Open Source

One of the things I had been thinking seriously about when Phil Windley was here, and a month later during Adam Croom‘s visit, was how we can ramp-up our community building at Reclaim. One approach is more on-the-ground meetups and workshops, which we have been working on already and I want to do more of this year and next. The other is an advisory board of folks from various Domains schools for us to consult and work more closely with. And that last idea, in the wake of the recent cPanel pricing announcement, sparked the idea that this might be the perfect opportunity to spearhead an open source web hosting panel that is developed in collaboration with a number of universities. It’s the seed of an idea I am really quite excited about the prospect of Reclaim pursuing. It would not only provide alternatives to a market that has been monopolized by an investment hedge fund, but more importantly create an opportunity to imagine the next generation of web hosting in light of a new era of applications, while imagining an alternative ecosystem of user-controlled privacy, data collection, and resource sharing. And while this is pie-in-the-sky right now, I am reminded that not so long ago Domain of One’s Own was just that. 

Reclaim Arcade

And lest you think we are too grown up, plans are moving along swimmingly for adding another 3000 square feet to our existing office space in order to realize Reclaim Arcade. If everything goes according to plan it will not only post high scores online, but also allow players to stream video of their gameplay live to the web, cause that’s how we roll!  

Well, what I though was going to be a quick update turned into an all day post, but that brings you pretty much up-to-date with the goings on at Reclaim this last 6 months. Looking forward to what the next 6 brings our way!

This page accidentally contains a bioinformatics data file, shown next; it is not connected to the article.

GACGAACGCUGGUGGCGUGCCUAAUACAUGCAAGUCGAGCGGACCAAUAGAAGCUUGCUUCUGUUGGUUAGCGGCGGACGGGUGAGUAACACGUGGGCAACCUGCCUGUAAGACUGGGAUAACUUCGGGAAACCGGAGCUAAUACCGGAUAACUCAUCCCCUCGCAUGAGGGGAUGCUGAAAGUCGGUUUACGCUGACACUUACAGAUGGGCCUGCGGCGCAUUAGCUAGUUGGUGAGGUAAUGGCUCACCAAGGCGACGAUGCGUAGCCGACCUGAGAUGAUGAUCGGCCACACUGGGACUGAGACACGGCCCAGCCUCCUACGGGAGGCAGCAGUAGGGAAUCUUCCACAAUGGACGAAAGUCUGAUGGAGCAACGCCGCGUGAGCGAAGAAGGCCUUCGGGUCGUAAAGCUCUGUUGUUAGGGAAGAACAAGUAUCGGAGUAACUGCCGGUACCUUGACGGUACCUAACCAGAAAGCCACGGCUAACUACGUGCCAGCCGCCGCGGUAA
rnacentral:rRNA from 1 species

*Although they were always more worried about Tim than me for obvious reasons.

This entry was posted in reclaim and tagged , , , . Bookmark the permalink.

10 Responses to The Year Reclaim Hosting Grew Up

  1. Doug Belshaw says:

    Jim, this is wonderful. That is all.

  2. Jon Udell says:

    Inspiring in so many ways. Not least: Full benefits for the team. Outstanding!

  3. Brian says:

    Reclaim Hosting’s place in supporting ethical and creative learning technology continues to be critical. I’ve always loved and learned from how open you all are about your processes and approaches, it just deepens my admiration

    I always thought the UMW video “A Culture of Innovation” was such an inspiring document of what learning tech could be… so cool to see those principles being applied in a company.

    And in the gig economy era, the stuff about HR and benefits may be the most impressive part of the story. It’s been so cool getting to know Lauren and Meredith a little, and watching them grow into such formidable forces. Looking forward to seeing where the big new team goes from here.

    • Reverend says:

      Big fan! The idea of building a culture at Reclaim has been almost as fun as working with Bryan Mathers on an aesthetic 🙂

      The whole benefits thing is awesome because it really does allow us to think long-term and provide a sense of security that I believe is crucial for not only good work, but all around mental and physical well being. I am also trying to push the whole pension/retirement thing because I also wish I would have had someone demonstrate a bit more clearly what a little savings early on in your career can mean long-term. I think password management, 0 deductible health insurance, and risky pension investments may be my next conference circuit topics 😉

  4. Zach Davis says:

    Very much enjoyed this update! So impressed by what you and Tim have been able to accomplish.

    • Jimmy Groom says:

      We’ve been modeling Reclaim in Cast Iron for a while now, so this comment means a lot to me.

      In fact, first item on my open source project is to revisit the Domains 2 discussion, but really dig in on how you CIC and CUNY built The open source culture around Manifold. I have much to learn for this next adventure!

      Big fan, and truly grateful we can still work with the CUNY mafia after all these years.

Leave a Reply

Your email address will not be published. Required fields are marked *

This site uses Akismet to reduce spam. Learn how your comment data is processed.